Thursday, 3 November 2011

OS X Daily: Enable the Develop Menu in Safari

OS X Daily: Enable the Develop Menu in Safari

Link to OS X Daily

Enable the Develop Menu in Safari

Posted: 03 Nov 2011 04:22 AM PDT

Safari Developer menu

The Develop menu of Safari adds a variety of additional features to the web browser, including the inspector and error consoles, javascript debugging tools, the ability to disable various page elements, enable the ‘Do Not Track’ feature, use WebGL acceleration, and it offers a simple way to change the browsers user agent.

These features are obviously intended for web developers, but they’re useful beyond that too. Here’s how to enable the hidden Develop menu in Safari:

  • Pull down the “Safari” menu and choose “Preferences”
  • Click on the “Advanced” tab
  • Check the box next to “Show Develop menu in menu bar”

Enable the Develop menu in Safari

The Developer menu has been around for quite some time, but in a recent article on how to spoof an OS X 10.8 browser user agent using Safari or curl at the command line, we somehow failed to mention how to enable the menu… oops. Now you know.

Note: the Develop menu is different than the Debug menu.

iOS 5.0.1 Beta Resolves Battery Life Issues for iPhone 4S & iOS 5, Public Release Soon

Posted: 02 Nov 2011 03:40 PM PDT

iOS 5.0.1 beta fixes battery problems

Apple has acknowledged battery draining issues with iOS 5 and has since released a beta version of iOS 5.0.1 to developers, indicating a public release is due soon. The update aims to fix iOS 5 battery problems without modifications of settings, bring multitasking gestures to iPad 1 without the third party tweak, and resolve several other bugs and issues that shipped with iOS 5.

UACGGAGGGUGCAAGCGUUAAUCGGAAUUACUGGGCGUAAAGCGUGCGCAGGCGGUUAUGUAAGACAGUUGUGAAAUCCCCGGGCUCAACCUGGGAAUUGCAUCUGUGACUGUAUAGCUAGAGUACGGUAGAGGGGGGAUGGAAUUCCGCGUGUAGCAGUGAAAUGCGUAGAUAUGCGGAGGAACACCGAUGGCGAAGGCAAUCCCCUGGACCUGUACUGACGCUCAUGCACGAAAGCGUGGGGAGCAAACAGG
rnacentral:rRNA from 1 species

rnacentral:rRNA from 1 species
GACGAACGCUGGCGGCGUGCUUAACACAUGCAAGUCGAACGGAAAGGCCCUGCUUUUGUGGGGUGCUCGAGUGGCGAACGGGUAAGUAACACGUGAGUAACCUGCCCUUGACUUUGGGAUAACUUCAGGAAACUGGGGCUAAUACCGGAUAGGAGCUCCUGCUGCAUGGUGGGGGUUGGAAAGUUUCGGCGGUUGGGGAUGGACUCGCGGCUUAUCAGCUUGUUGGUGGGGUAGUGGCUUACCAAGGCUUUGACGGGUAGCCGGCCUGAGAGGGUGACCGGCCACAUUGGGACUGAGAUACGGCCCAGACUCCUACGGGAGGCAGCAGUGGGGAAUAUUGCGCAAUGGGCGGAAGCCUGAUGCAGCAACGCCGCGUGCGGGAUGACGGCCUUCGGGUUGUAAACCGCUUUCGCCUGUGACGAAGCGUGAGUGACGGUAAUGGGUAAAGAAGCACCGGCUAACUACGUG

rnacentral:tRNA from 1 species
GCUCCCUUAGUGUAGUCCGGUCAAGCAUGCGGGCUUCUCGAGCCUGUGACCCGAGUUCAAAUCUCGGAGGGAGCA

Currently iPhone 4S can disable Location Services like Reminders and Time Zone to improve their battery life, but the official fix from Apple will appear soon and should allow 4S users to re-enable such features.

Some battery life issues with the iPhone 4S and iOS 5 were confirmed directly by Apple in a short statement to The Loop, saying:

“A small number of customers have reported lower than expected battery life on iOS 5 devices. We have found a few bugs that are affecting battery life and we will release a software update to address those in a few weeks."

This was quickly confirmed by developers indirectly, with the release of the iOS 5.0.1 beta update. The primary fixes in the developer build 9A402 are:

- Fixes bugs affecting battery life
- Adds Multitasking Gestures for original iPad
- Resolves bugs with Documents in the Cloud
- Improves voice recognition for Australian users using dictation
- Contains security improvements

The beta release is available for all models of iPad and iPad 2, iPhone 4 CDMA & GSM, iPhone 4S, iPhone 3GS, and iPod touch 3rd and 4th generations.

If you are not a developer, try some of these tips to regain battery life until the 5.0.1 update becomes publicly available.

Enable and Use the ‘locate’ Command in the Mac OS X Terminal

Posted: 02 Nov 2011 10:11 AM PDT

locate command in Mac OS X

The locate command is very useful if you’re looking to track down every instance of a file, filetype, app, extension, things hidden deep in system folders, or just about anything else that Spotlight can’t manage. It’s extraordinarily useful for troubleshooting and even more mundane tasks like completely uninstalling Mac apps.